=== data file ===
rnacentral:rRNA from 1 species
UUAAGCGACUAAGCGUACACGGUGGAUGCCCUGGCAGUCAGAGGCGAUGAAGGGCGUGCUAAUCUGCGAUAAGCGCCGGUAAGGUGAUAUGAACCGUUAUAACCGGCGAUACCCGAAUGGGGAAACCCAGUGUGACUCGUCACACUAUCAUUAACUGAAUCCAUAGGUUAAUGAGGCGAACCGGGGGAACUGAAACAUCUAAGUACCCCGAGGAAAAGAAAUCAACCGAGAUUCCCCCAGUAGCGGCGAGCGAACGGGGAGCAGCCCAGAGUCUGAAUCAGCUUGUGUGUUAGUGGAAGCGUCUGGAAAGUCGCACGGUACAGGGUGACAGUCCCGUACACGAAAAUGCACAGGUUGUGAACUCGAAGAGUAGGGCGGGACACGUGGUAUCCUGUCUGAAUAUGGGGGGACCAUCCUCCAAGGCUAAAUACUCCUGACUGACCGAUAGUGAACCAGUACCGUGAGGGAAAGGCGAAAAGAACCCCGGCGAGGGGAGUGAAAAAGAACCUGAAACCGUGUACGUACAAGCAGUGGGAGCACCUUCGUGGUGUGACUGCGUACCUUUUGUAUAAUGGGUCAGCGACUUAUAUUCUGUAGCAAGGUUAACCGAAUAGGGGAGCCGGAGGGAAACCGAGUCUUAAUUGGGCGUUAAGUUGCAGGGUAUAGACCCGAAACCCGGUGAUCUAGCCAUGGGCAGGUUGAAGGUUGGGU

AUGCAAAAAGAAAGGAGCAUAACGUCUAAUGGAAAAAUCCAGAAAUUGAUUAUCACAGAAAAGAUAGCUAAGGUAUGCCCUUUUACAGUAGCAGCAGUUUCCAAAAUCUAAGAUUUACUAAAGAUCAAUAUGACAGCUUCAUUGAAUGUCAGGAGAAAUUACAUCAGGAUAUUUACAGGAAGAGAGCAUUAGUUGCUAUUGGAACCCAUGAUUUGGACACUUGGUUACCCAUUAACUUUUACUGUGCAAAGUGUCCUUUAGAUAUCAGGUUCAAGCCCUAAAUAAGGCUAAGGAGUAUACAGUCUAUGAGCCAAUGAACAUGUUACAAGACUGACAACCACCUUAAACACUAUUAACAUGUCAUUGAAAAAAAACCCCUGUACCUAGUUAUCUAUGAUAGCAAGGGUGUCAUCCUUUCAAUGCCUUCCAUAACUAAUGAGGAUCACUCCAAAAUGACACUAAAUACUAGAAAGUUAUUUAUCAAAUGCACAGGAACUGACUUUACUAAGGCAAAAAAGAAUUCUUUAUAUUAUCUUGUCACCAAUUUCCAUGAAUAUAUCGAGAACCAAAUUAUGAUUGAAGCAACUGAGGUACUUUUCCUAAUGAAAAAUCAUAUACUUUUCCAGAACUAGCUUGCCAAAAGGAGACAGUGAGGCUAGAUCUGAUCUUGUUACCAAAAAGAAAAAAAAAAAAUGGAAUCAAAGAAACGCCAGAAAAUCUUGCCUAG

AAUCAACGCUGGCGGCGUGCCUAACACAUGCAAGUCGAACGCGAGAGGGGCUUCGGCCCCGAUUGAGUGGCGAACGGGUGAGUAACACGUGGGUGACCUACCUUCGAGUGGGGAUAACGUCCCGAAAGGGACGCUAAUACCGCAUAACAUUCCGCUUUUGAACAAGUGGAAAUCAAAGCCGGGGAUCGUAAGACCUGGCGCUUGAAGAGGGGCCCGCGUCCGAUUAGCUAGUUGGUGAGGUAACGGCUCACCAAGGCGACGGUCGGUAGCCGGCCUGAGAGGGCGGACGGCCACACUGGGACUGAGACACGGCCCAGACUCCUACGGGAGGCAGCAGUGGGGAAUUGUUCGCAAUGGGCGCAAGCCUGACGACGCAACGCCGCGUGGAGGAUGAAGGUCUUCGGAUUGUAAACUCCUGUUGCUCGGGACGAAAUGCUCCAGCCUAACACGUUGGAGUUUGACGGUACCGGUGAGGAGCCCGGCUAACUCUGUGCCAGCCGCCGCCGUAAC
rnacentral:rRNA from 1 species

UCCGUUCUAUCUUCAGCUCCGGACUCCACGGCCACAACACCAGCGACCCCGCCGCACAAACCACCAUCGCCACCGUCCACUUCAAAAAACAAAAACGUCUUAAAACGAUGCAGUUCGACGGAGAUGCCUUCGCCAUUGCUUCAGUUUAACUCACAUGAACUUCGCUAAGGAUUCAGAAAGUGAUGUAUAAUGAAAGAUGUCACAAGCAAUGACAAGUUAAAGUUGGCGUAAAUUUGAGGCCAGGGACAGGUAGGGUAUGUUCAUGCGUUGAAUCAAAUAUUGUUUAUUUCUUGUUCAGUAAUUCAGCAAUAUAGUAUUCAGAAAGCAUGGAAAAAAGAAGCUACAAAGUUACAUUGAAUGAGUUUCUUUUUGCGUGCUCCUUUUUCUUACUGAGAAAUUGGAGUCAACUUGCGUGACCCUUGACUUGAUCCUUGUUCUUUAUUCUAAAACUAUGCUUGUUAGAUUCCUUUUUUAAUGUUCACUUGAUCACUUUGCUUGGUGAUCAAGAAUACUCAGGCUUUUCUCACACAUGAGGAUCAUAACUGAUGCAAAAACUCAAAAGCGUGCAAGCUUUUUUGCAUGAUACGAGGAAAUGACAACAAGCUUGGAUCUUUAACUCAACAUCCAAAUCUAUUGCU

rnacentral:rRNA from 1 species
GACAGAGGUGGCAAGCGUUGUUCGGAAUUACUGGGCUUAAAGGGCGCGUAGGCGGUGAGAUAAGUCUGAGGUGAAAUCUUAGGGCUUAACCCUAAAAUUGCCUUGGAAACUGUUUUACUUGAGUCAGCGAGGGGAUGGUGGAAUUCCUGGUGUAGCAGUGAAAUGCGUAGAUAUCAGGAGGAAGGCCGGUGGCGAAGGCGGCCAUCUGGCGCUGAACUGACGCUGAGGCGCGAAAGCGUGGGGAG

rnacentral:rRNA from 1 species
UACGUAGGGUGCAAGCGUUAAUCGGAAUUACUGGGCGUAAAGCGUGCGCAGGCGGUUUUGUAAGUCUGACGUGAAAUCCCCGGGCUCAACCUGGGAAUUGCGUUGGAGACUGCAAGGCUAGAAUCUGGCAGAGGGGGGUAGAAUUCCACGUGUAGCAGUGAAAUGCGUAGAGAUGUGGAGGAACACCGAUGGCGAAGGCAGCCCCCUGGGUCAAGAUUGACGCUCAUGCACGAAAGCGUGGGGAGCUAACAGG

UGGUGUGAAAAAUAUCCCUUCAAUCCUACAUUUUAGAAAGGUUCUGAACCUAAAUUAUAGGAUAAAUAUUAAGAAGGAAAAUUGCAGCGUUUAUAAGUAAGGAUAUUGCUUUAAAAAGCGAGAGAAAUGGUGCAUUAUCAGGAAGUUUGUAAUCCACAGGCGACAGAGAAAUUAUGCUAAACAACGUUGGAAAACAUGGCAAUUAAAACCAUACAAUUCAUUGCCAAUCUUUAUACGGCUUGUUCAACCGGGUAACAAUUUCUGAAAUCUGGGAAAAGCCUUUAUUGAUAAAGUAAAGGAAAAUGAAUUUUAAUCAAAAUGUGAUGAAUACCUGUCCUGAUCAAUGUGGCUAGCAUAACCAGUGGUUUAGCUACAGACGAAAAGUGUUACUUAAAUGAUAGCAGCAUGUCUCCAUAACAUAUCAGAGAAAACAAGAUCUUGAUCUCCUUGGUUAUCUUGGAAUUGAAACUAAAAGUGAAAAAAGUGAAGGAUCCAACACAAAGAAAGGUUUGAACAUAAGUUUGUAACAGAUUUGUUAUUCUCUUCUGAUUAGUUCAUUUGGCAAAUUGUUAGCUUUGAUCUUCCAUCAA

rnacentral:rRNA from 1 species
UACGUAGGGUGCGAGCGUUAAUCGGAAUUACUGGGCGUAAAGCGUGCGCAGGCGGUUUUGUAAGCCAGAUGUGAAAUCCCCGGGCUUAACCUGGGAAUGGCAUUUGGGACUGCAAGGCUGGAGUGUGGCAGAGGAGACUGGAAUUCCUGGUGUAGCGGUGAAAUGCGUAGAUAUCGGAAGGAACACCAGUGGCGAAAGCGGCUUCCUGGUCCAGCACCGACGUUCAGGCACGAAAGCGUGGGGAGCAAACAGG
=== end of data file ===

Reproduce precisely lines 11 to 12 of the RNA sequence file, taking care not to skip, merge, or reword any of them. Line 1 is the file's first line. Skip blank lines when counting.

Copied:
UGGUGUGAAAAAUAUCCCUUCAAUCCUACAUUUUAGAAAGGUUCUGAACCUAAAUUAUAGGAUAAAUAUUAAGAAGGAAAAUUGCAGCGUUUAUAAGUAAGGAUAUUGCUUUAAAAAGCGAGAGAAAUGGUGCAUUAUCAGGAAGUUUGUAAUCCACAGGCGACAGAGAAAUUAUGCUAAACAACGUUGGAAAACAUGGCAAUUAAAACCAUACAAUUCAUUGCCAAUCUUUAUACGGCUUGUUCAACCGGGUAACAAUUUCUGAAAUCUGGGAAAAGCCUUUAUUGAUAAAGUAAAGGAAAAUGAAUUUUAAUCAAAAUGUGAUGAAUACCUGUCCUGAUCAAUGUGGCUAGCAUAACCAGUGGUUUAGCUACAGACGAAAAGUGUUACUUAAAUGAUAGCAGCAUGUCUCCAUAACAUAUCAGAGAAAACAAGAUCUUGAUCUCCUUGGUUAUCUUGGAAUUGAAACUAAAAGUGAAAAAAGUGAAGGAUCCAACACAAAGAAAGGUUUGAACAUAAGUUUGUAACAGAUUUGUUAUUCUCUUCUGAUUAGUUCAUUUGGCAAAUUGUUAGCUUUGAUCUUCCAUCAA

rnacentral:rRNA from 1 species